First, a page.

"Fareed Zakaria GPS," Sundays at 10 a.m. and 1 p.m. ET on CNN
Fareed speaks with New York Police Commissioner Raymond Kelly about the lessons from the attack in Boston this week, and how New York law enforcement is working to protect the city.
Congressman Peter King says that what we need, what this Boston marathon attack proves is we need a more aggressive and explicit targeting, or targeting investigation of America's Muslim communities. Would you agree with that?
Well, I certainly wouldn't single out a community, but what we do is follow leads wherever those leads take us. As I said, we've been targeted 16 times, a combination of good work on the part of the federal government, NYPD, and sheer luck we haven't been attacked. But we will follow leads wherever those leads take us, irrespective of the community that we're talking about.
But the vast majority of those attacks did come from people who would have been Muslim radicals, Islamic radicals?
That's correct, yes.
And as a result of that, presumably, the NYPD had a program of listening in on mosques, infiltrating communities. And last August, in court testimony, however, your department asserted or acknowledged that, in six years of spying on Muslim neighborhoods, eavesdropping on conversations and cataloging mosques, it did not generate a single lead…
That’s incorrect information. Basically, and I know this is somewhat detailed, but we have a stipulation, the Handschu agreement, that's been in place since 1984, which limits our ability to investigate political entities.
In 2002 we petitioned the court to change that so we could do a more effective job in investigating terrorism. And in fact the court did that. And it said, particularly, we could do three things. We could go to any public meeting that the public is invited to. We can go to any website the public has access to. And we can do reports and analysis that will enable us to have context as to what's going on in a particular area, particular neighborhood. And that's precisely what was done with our reports.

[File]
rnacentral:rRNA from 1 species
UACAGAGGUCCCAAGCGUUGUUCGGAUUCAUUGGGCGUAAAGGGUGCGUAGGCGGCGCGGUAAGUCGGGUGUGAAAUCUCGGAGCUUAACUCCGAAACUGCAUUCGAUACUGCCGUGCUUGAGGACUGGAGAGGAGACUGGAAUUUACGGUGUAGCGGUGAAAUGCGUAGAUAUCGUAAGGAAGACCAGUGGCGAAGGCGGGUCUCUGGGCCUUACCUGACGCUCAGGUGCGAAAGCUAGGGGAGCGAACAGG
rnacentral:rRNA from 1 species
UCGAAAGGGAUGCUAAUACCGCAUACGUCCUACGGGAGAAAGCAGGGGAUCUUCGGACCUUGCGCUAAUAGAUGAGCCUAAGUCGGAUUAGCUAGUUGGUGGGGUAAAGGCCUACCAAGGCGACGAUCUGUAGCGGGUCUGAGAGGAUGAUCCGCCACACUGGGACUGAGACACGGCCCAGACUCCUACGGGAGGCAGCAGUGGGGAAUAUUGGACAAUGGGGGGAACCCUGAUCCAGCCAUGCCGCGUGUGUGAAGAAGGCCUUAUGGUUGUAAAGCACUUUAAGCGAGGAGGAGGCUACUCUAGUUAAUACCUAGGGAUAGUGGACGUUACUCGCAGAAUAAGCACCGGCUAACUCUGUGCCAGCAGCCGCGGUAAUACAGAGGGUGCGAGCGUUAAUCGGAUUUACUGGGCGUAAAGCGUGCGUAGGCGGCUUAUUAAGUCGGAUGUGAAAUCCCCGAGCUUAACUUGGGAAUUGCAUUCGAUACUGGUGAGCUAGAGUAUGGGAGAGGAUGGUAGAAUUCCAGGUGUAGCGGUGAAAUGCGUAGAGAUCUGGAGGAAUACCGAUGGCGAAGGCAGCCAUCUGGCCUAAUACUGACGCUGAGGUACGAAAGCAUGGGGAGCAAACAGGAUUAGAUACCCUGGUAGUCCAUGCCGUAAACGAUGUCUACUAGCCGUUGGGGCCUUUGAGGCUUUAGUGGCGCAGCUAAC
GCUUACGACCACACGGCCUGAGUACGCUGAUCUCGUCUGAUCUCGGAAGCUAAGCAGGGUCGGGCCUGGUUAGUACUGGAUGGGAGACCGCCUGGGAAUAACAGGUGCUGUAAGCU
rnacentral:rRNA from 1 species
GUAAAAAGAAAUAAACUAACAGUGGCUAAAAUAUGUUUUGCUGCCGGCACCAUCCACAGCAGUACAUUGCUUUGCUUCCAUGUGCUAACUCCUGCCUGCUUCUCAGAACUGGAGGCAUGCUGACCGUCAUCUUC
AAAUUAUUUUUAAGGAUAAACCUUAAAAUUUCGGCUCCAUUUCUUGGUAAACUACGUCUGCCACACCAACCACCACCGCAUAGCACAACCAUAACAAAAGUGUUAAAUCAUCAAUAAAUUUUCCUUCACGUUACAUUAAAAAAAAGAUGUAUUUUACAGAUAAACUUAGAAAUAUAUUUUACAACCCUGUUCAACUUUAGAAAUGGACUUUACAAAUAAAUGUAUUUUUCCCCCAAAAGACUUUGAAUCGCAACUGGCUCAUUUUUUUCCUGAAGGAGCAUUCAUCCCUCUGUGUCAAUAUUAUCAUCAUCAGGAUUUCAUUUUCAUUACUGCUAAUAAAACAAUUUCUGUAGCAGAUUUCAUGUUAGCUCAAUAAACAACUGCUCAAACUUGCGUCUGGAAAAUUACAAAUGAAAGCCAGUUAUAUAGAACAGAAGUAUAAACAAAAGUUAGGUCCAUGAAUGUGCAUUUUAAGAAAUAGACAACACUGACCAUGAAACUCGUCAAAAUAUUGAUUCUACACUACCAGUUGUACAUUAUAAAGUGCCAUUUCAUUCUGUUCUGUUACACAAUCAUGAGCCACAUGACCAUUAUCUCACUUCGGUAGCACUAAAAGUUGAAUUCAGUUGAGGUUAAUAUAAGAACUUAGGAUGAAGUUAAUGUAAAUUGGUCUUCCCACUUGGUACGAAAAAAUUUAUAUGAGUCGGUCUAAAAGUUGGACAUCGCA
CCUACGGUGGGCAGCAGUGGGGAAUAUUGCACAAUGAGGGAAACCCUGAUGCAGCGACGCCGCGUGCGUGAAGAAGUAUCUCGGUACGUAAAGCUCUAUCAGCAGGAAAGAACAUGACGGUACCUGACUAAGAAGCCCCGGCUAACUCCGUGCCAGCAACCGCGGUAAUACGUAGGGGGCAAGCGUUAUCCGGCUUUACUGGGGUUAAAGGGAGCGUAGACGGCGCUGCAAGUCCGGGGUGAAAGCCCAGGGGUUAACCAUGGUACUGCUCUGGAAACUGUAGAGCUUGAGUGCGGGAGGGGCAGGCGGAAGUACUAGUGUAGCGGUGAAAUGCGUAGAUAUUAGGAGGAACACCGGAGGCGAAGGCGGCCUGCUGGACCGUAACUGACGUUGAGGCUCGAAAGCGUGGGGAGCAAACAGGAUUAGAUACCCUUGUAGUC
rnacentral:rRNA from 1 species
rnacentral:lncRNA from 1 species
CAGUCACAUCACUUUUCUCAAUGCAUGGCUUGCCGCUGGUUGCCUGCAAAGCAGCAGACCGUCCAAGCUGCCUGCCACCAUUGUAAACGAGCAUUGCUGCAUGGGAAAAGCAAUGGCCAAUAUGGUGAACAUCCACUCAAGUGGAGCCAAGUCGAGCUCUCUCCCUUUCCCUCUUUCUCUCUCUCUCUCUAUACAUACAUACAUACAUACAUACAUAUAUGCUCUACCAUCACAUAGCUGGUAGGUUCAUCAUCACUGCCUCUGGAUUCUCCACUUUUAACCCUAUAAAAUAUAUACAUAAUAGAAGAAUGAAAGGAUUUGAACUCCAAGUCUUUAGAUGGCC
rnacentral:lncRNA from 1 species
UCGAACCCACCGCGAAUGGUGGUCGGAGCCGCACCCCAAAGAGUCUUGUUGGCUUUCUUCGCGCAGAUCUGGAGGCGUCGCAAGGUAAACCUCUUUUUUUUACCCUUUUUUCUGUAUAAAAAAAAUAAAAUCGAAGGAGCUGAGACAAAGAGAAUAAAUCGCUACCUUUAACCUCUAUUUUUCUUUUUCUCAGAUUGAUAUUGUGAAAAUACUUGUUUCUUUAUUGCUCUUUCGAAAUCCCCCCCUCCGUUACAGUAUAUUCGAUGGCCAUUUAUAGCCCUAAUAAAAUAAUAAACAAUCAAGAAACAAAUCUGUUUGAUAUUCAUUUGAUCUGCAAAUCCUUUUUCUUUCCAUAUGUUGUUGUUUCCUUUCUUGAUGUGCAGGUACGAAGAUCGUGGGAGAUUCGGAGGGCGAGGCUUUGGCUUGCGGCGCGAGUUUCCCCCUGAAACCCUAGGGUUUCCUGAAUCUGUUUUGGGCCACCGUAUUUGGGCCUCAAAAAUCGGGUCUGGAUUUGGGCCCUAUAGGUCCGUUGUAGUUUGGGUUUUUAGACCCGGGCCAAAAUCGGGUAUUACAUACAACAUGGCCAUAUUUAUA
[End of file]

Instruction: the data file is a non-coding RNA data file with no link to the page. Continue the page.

"Fareed Zakaria GPS," Sundays at 10 a.m. and 1 p.m. ET on CNN
On GPS this Sunday at 10 a.m. and repeated at 1 p.m., a special live show with expert analysis and discussion of the lessons and implications of this week’s terrorist attack in Boston.
First, Fareed speaks with New York Police Commissioner Raymond Kelly.
Also on the show: Stephen Flynn, founding co-director of the George J. Kostas Research Institute for Homeland Security at Northeastern University, Philip Mudd, a senior research fellow at the New America Foundation, Harvard School of Public Health fellow Jessica Stern and Wall Street Journal columnist Bret Stephens.
By Arthur L. Kellermann, Special to CNN
Editor’s note: Arthur Kellermann holds the Paul O'Neill-Alcoa Chair in Policy Analysis at the nonprofit, nonpartisan RAND Corporation. The views expressed are his own.
A pair of deadly bomb blasts marked a violent and tragic finish to this year’s Boston Marathon. But as shocking as the attack may have been, an act like this has been anticipated for some time. It was a surprise, because none of us awoke the morning of the Marathon anticipating the race would end this way. Yet a terrorist attack against a symbolic target or a heavily attended event was something for which authorities had long prepared.
Authorities have known for some time that a wide range of terrorist organizations, extremist groups and individuals – both foreign and domestic – seek to inflict harm on the United States. And this knowledge motivated federal, state and local agencies to devise protocols to enhance their response to mass casualty events. Although official after-action reports are still being compiled, it looks like Boston’s first responders and hospitals delivered under difficult circumstances.
For more What in the World, watch GPS on Sundays at 10 a.m. and 1 p.m. ET
By Global Public Square staff
Senator Rand Paul decided to drone on last week about drones. He employed a rare talking filibuster to stall a confirmation vote for John Brennan as the CIA's director. All told, he went on for 12 hours and 52 minutes, including when he took questions from his Republican colleagues.
Washington also saw some tough questioning for Eric Holder. The attorney general was forced to admit it would unconstitutional to kill an American citizen with drone strikes on U.S. soil unless there was a Pearl Harbor-type imminent threat.
Usually, filibusters can be viewed as a bizarre, quasi-constitutional mechanism that is basically anti-democratic. But it's important to have a serious debate about drones, not just on the legality of whether they can be used to kill an American citizen, but a broader debate about them.